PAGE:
Autism is a neurobiological disorder, primarily affecting brain development, which continues to mystify researchers as to its exact cause or causes. Genetic research in 2010, however, uncovered some new information that may eventually reveal some breakthroughs.
In 2012, the Centers for Disease Control and Prevention (CDC) released new statistics showing that prevalence of autism has risen by approximately 23 percent, and now affects 1 in 88 children in the United States. Out of this number, 1 in 54 boys typically receive an autism diagnosis, while girls with autism usually factor in as 1 in 252 among the overall population. The CDC designated autism as “the fastest-growing serious developmental disability in the U.S.”
The Under-served Population
Because the number of boys with autism is so much greater, girls with autism often end up as being the under-served population. If you are the parent or caregiver of a teenage girl or young woman with autism, then you unfortunately know this is true. Since girls represent “only” about 20 percent of the total number of individuals with autism, much of the emphasis remains focused on boys with autism.
Even at 20 percent, however, girls with autism represent a large number of the population. The conservative figure is anywhere from 1 to 1.5 million individuals diagnosed with autism. Two of the hallmark symptoms of autism tend to be difficulties in development of 1) communication and 2) social skills, which creates a greater burden for female teens and young adults who desire to both communicate and socialize with their peers. Instead of easily socializing with peers and others, girls with autism often experience difficulty making friends and managing their feelings, and may become the objects of teasing and bullying.
Characteristics of Girls with Autism
Many girls tend to present with Asperger’s Syndrome along the autism spectrum of disorders. In some cases, they often exhibit some combination of these characteristics and behaviors:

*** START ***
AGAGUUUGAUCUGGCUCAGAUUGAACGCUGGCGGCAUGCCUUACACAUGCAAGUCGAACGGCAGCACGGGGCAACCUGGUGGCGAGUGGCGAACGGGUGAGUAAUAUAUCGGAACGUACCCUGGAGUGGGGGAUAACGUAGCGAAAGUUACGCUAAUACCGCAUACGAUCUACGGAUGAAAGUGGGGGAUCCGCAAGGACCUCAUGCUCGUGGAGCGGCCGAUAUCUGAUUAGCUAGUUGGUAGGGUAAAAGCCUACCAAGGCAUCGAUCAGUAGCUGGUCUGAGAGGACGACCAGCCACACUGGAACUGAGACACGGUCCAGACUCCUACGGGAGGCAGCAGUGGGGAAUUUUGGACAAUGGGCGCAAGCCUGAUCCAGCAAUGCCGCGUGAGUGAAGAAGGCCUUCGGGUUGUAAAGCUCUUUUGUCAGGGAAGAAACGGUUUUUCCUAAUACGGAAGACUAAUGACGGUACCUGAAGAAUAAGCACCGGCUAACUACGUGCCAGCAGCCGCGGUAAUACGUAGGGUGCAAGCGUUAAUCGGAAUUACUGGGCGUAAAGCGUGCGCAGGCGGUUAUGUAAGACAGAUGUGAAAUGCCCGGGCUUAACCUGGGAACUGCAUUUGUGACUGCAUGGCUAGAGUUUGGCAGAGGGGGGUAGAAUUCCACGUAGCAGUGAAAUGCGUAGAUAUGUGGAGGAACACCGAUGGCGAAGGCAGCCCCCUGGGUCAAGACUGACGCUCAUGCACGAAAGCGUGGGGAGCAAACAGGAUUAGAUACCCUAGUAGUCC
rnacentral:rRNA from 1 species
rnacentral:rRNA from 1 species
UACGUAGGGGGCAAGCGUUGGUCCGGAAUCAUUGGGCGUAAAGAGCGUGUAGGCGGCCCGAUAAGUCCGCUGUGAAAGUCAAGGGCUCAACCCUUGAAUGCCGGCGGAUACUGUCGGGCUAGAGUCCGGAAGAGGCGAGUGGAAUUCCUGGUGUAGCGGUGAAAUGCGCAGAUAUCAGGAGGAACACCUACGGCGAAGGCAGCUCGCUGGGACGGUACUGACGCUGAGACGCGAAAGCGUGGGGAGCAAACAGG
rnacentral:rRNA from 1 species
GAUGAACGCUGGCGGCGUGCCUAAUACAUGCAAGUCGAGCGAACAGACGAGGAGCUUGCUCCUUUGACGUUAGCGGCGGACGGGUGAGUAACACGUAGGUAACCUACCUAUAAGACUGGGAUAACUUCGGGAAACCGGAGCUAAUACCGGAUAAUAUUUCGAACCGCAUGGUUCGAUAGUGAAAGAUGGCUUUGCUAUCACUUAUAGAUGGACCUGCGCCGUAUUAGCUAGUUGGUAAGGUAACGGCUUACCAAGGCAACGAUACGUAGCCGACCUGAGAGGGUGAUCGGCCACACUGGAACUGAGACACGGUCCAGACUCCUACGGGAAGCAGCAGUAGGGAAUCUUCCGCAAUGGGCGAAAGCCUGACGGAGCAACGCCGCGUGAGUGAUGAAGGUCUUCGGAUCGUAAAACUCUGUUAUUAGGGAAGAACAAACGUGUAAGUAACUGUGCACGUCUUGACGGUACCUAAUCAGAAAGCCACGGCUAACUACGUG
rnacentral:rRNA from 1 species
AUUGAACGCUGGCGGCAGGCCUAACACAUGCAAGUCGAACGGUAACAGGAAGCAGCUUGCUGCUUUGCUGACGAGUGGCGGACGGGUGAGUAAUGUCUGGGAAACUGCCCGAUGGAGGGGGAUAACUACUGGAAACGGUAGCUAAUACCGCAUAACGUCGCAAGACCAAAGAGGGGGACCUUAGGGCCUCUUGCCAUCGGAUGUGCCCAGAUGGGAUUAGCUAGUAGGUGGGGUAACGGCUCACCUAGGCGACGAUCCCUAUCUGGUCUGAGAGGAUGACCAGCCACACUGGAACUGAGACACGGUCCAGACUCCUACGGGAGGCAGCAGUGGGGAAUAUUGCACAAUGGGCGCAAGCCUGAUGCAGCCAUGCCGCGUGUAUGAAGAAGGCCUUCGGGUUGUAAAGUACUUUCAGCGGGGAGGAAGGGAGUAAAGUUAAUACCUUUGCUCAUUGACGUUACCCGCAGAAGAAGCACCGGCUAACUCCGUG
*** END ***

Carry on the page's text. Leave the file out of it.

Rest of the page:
Engage in imaginary worlds with make-believe friends.
Observe people in social situations and try to mimic behaviors.
Strive for acceptance by apologizing constantly.
Try to understand social situations, thoughts, motivations, and feelings by reading fiction and/or watching television shows, such as soap operas.
Exhibit “male” patterns of behavior, such as showing no interest in fashion, but demonstrating giftedness in maths and sciences.
Fixate intensely on special interests.
Why are Girls with Autism Under-served?
One of the reasons female teens and young adults diagnosed with autism suffer as an under-served segment of the population is that they have an interesting ability to hide their symptoms. This ability means that an autism diagnosis is often delayed until some other mood disorder strikes, requiring the attention of a clinician. For this reason, girls with autism often go undiagnosed until they are older (into their teens).
Many girls with autism do not get diagnosed because they often do not exhibit the hyperactive or physically agressive behaviors that are common with young boys. Many girls who have gone undiagnosed with autism often appear to be simply “tom boys” or in possession of “male brains” which can be displayed as uncaring and unable to understand the feelings of others, or lack of compassion.
Female teens and young women with autism who exhibit these stereotypical male traits may feel shunned and unaccepted, which is exactly the opposite of the acceptance they crave, and only serves to crumble their already delicate self-esteem. Professionals and activist groups suggest that parents, caregivers, teachers, and others need to do all they can to raise awareness among the population that girls have autism, too.
Due to more subtle signs of autism, many supporters state that more conclusive tests need to be developed and conducted sooner on girls with autism so they no longer go undiagnosed, nor suffer as an under-served population.